More growl, less howl


Yamaha added new shocks, new tires, beadlock wheels and cool, two-tone, dark blue/bright blue bodywork. What you don’t get is the ability to adjust shocks from the cockpit or the Adventure Pro navigation screen. The Sport sells for $22,999. The extra parts cost you an additional $1900 over the base-model R-Spec but $1300 less than the winch-equipped XT-R and $1800 less than the Limited Edition RMAX2. The Sport is only available in a two-seat configuration.

With a top speed over 70 mph, the RMAX2 is fun to drive on any road. Its big torque numbers and strong clutch eliminate any power loss going up hills or up in elevation. The Sport has the same power output as the other RMAX models.



The RMAX is equipped with a strong, twin-cylinder, dual-overhead-cam engine with 999cc and over 100 horsepower. Power gets transferred to the ground through a strong CVT system called Ultramatic. It comes with a 10-year belt warranty. The cool thing about this powerplant is that you can choose between three different drive modes depending on the power characteristics you are after. For instance, if you are racing down a trail where an aggressive throttle response will squirt you from turn to turn, you can choose Sport mode. If you need to tiptoe through the rocks or any rough section at slow speeds, you can rely on the smoother Crawl mode. While we take advantage of these modes, we usually find ourselves in Trail mode most of the time where it gives us the exact amount of power we expect with every ounce of pressure put on the throttle pedal. Power is instant, thrilling and very smooth. Thanks to the great Yamaha Ultramatic CVT system, you never have a hint of belt slip and rarely even have to put the transmission into low range.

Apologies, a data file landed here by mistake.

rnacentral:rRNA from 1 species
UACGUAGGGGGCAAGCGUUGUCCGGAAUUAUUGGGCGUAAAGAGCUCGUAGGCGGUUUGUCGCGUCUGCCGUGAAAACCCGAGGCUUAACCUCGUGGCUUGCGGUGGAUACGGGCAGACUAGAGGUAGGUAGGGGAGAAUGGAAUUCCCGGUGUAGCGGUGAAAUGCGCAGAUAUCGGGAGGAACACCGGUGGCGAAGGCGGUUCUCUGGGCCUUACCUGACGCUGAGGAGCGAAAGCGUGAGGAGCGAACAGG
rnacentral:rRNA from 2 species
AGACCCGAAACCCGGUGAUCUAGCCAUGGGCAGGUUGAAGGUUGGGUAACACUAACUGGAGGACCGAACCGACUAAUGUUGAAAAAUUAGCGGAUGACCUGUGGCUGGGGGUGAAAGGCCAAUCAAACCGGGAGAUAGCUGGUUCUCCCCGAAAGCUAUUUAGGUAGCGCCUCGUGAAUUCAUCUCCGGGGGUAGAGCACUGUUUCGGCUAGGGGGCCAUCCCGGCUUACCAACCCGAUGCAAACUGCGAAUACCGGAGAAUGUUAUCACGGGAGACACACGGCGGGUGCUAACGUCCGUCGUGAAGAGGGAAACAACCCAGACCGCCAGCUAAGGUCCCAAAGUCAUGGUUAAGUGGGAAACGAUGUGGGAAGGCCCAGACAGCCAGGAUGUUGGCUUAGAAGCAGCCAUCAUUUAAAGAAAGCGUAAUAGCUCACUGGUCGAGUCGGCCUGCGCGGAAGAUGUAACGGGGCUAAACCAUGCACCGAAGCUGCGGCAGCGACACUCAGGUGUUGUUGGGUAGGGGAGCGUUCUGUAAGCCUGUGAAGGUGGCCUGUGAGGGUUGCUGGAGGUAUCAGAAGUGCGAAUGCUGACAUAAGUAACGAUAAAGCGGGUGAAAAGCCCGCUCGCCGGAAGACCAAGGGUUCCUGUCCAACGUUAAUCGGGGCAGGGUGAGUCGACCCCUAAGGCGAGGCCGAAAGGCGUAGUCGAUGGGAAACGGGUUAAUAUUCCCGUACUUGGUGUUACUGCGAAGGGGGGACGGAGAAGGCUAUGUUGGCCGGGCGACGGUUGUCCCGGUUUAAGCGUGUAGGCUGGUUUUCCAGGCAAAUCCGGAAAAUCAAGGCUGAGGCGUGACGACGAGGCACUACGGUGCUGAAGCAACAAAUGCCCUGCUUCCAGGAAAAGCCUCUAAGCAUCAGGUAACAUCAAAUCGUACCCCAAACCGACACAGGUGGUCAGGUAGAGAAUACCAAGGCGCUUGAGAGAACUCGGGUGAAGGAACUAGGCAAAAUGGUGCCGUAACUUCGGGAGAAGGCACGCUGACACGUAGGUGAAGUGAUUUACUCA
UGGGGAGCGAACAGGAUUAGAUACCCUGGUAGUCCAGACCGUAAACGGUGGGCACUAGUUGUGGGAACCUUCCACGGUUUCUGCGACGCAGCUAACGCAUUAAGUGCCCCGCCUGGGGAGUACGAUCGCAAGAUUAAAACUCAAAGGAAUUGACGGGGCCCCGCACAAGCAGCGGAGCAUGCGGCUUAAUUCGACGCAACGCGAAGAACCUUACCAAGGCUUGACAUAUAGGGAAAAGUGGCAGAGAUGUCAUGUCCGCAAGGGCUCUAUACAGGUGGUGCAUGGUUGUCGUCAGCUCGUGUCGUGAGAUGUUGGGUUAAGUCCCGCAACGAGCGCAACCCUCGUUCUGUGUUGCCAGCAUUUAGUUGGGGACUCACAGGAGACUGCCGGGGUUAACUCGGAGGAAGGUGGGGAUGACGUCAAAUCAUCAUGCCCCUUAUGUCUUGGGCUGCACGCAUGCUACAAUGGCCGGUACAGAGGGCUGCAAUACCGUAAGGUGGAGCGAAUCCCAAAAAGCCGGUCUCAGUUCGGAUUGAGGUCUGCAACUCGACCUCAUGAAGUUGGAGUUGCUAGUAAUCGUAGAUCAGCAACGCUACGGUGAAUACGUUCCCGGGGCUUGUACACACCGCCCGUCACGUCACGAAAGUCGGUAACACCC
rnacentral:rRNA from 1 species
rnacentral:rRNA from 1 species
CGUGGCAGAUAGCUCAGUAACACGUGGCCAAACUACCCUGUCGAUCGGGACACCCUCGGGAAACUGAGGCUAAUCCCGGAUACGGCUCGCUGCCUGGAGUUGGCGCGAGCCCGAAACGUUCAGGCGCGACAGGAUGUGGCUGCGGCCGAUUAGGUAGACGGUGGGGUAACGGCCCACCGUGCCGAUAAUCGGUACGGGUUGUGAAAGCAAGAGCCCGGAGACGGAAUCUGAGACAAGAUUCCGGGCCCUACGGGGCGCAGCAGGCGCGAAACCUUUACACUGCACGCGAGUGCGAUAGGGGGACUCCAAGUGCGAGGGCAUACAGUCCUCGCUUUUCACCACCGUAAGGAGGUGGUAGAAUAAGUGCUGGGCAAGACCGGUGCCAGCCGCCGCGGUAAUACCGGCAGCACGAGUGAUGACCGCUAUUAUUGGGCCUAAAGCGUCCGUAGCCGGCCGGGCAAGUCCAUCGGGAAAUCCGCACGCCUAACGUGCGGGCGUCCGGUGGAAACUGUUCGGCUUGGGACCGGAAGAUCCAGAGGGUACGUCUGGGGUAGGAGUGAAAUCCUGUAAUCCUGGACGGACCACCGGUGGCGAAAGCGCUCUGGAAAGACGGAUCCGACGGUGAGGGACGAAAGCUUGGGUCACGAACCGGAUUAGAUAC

New 30-inch GBC Terra Master SQ tires and dual-speed compression adjustable shocks grace the RMAX Sport. For even more fine-tuning of the spring rate, you have 10mm of crossover adjustment as well.



The Sport model does not have any audio or Yamaha’s Adventure Pro GPS system, so you do get an extra storage box in its place. If we were to design this space, it would be a larger area with rubber netting for quick and easy access. We would utilize the glove box or center console for items that need more protection. For a sport utility machine, we love the cockpit and seating position. You can see over the hood perfectly and over the doors as well. Fit and finish are top-notch, as is construction. We have beat up on several RMAXs over the last year, and we can’t get them to squeak or rattle. Your knees are protected on both legs by soft pads embedded in the door and console area.

The same beadlock wheels that are found on its YXZ1000R are on the 2022 Yamaha RMAX2 1000 Sport. They are the same offset all the way around and 6.5 inches wide.



Yamaha called on Fox to build a shock with more spring adjustment and two circuits of compression damping. The spring rates are the same on these shocks as they are on the other models. Only the compression and rebound damping have been adjusted. The shocks are set up to be stiffer overall than before. Even with the compression clickers turned out, you will have a stiffer shock than the QS3 shocks on the R-Spec and XT-R or the iQS shocks found on the limited-edition model. Rebound has been slowed down as well.